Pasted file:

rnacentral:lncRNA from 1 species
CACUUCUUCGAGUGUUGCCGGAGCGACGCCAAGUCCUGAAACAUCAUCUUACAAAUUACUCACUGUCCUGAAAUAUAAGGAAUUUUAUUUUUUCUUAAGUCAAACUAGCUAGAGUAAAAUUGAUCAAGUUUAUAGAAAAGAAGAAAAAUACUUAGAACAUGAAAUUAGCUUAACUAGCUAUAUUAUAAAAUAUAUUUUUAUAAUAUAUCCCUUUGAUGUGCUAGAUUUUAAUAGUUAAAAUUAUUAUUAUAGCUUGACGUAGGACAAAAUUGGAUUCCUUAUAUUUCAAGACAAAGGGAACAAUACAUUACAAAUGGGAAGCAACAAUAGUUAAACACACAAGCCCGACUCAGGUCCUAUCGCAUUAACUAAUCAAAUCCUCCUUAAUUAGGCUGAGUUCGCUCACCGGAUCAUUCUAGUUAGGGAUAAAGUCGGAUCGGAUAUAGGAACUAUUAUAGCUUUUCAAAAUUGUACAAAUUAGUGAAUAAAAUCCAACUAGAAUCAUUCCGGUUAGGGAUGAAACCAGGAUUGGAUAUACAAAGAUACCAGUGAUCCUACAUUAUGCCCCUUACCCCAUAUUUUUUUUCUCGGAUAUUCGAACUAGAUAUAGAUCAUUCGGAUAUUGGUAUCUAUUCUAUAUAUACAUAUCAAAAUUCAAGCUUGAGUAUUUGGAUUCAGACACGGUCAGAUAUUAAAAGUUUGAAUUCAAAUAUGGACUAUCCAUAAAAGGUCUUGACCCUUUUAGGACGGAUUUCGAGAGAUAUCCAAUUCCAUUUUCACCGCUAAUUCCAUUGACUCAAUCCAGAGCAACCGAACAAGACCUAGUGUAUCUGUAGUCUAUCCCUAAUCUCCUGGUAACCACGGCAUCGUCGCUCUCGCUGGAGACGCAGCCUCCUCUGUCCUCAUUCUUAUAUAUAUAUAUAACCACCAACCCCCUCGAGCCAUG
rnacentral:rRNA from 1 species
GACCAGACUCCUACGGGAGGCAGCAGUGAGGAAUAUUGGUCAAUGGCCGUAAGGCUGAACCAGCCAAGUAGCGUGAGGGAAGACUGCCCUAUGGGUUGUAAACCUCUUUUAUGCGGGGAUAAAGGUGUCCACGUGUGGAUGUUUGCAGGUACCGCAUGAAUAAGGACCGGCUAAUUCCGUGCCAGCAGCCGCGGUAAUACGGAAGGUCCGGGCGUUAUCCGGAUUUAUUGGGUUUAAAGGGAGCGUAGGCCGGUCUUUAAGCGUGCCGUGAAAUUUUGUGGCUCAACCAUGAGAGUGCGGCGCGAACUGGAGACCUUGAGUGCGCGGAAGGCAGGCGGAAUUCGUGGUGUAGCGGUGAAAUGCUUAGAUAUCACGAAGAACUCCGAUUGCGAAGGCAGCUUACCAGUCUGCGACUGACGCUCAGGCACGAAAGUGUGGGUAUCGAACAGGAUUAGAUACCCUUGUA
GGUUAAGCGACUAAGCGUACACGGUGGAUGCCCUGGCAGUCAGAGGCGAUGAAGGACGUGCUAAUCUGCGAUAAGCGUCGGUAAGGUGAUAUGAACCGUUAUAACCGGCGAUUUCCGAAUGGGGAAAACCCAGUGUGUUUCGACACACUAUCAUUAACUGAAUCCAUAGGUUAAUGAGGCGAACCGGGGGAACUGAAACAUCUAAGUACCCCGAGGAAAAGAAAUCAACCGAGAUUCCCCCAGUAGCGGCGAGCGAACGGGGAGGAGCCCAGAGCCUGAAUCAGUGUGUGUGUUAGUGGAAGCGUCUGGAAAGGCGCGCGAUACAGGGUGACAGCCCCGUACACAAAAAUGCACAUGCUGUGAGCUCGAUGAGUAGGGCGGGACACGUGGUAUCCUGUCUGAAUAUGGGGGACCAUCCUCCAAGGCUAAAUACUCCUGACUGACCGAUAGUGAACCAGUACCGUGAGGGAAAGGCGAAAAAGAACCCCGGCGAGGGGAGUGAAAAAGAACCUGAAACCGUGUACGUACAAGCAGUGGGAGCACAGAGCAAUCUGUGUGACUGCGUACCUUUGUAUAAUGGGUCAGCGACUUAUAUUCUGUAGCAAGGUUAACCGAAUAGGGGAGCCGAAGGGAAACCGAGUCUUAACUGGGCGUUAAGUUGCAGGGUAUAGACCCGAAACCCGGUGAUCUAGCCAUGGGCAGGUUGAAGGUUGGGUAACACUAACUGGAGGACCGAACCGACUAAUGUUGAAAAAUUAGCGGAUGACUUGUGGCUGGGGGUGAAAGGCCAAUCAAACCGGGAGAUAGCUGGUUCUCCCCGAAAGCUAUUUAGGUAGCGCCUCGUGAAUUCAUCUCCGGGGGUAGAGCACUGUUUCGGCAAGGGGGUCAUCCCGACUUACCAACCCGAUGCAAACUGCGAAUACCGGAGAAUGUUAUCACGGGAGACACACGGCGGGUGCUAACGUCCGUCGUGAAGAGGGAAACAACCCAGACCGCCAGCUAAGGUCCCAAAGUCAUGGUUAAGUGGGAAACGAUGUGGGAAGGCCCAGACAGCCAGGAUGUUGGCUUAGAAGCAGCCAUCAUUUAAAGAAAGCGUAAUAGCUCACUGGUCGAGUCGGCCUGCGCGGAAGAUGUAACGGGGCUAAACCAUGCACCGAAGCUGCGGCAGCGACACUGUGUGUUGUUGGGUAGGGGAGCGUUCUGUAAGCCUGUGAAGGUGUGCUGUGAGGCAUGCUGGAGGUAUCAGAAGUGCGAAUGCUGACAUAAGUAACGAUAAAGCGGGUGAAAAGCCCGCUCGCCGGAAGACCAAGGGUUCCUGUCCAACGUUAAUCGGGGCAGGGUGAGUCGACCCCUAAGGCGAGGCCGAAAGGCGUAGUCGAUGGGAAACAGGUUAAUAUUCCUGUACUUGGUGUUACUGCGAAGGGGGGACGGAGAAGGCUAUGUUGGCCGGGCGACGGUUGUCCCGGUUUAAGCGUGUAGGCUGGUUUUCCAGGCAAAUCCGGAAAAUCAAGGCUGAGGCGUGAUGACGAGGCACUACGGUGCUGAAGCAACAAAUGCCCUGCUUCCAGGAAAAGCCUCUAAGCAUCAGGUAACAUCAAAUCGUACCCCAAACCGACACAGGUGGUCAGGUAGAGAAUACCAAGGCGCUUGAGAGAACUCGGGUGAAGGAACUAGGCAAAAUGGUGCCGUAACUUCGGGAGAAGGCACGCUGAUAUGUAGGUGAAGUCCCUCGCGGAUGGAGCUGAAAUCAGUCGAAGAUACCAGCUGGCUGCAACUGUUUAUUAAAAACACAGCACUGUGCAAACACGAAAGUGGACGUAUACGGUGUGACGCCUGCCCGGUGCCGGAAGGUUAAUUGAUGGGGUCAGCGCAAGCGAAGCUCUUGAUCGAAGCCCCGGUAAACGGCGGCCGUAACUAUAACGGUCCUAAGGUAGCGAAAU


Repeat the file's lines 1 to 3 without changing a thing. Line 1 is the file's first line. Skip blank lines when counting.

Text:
rnacentral:lncRNA from 1 species
CACUUCUUCGAGUGUUGCCGGAGCGACGCCAAGUCCUGAAACAUCAUCUUACAAAUUACUCACUGUCCUGAAAUAUAAGGAAUUUUAUUUUUUCUUAAGUCAAACUAGCUAGAGUAAAAUUGAUCAAGUUUAUAGAAAAGAAGAAAAAUACUUAGAACAUGAAAUUAGCUUAACUAGCUAUAUUAUAAAAUAUAUUUUUAUAAUAUAUCCCUUUGAUGUGCUAGAUUUUAAUAGUUAAAAUUAUUAUUAUAGCUUGACGUAGGACAAAAUUGGAUUCCUUAUAUUUCAAGACAAAGGGAACAAUACAUUACAAAUGGGAAGCAACAAUAGUUAAACACACAAGCCCGACUCAGGUCCUAUCGCAUUAACUAAUCAAAUCCUCCUUAAUUAGGCUGAGUUCGCUCACCGGAUCAUUCUAGUUAGGGAUAAAGUCGGAUCGGAUAUAGGAACUAUUAUAGCUUUUCAAAAUUGUACAAAUUAGUGAAUAAAAUCCAACUAGAAUCAUUCCGGUUAGGGAUGAAACCAGGAUUGGAUAUACAAAGAUACCAGUGAUCCUACAUUAUGCCCCUUACCCCAUAUUUUUUUUCUCGGAUAUUCGAACUAGAUAUAGAUCAUUCGGAUAUUGGUAUCUAUUCUAUAUAUACAUAUCAAAAUUCAAGCUUGAGUAUUUGGAUUCAGACACGGUCAGAUAUUAAAAGUUUGAAUUCAAAUAUGGACUAUCCAUAAAAGGUCUUGACCCUUUUAGGACGGAUUUCGAGAGAUAUCCAAUUCCAUUUUCACCGCUAAUUCCAUUGACUCAAUCCAGAGCAACCGAACAAGACCUAGUGUAUCUGUAGUCUAUCCCUAAUCUCCUGGUAACCACGGCAUCGUCGCUCUCGCUGGAGACGCAGCCUCCUCUGUCCUCAUUCUUAUAUAUAUAUAUAACCACCAACCCCCUCGAGCCAUG
rnacentral:rRNA from 1 species